It’s not gone. It’s mine.
I had meant to look up the lyrics to First of May for a while, and just remembered. I traditionally heard it as “… kissed your cheek and you were mine.” Since Melody, I have seen or heard it primarily interpreted as “… kissed your cheek and you were gone.”
It’s mine, not gone. Subject to lyrics sites not always being accurate.
Mine makes much more sense. This is a wonderful moment, the moment she is… gone? No! The moment she’s his! Someone may come between them later, but that day, when he kisses her cheek, it cements that their young relationship is love.
Gone would have made excluding a kiss a good decision.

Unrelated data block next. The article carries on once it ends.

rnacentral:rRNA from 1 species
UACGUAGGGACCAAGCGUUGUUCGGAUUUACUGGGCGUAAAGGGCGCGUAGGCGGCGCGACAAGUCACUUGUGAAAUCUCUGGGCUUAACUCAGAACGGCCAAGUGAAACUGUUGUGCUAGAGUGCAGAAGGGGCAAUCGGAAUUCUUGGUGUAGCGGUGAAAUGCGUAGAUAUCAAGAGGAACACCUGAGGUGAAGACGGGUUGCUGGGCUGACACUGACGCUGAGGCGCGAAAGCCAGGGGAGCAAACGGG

Mine would have made including a kiss a good decision.
They didn’t include the kiss, which I will never understand. They took pictures, both directions, on the set and then for publicity and such later. They got an almost accidental kiss at the seaside.
Of course, what if they hadn’t been interrupted before the wedding finished? (“Man and wife! Say man and wife!”) Would Ornshaw have said kiss the bride and would they have kissed properly? It was written that way, both for the sake of the story and because maybe the team didn’t want to go there. It was fine in 2005 in Little Manhattan, and still innocent and chaste in a way that Moonrise Kingdom wasn’t, but in Melody they were going for almost complete innocence.
Anyway, that was all. It’s “mine.” Gone, gone.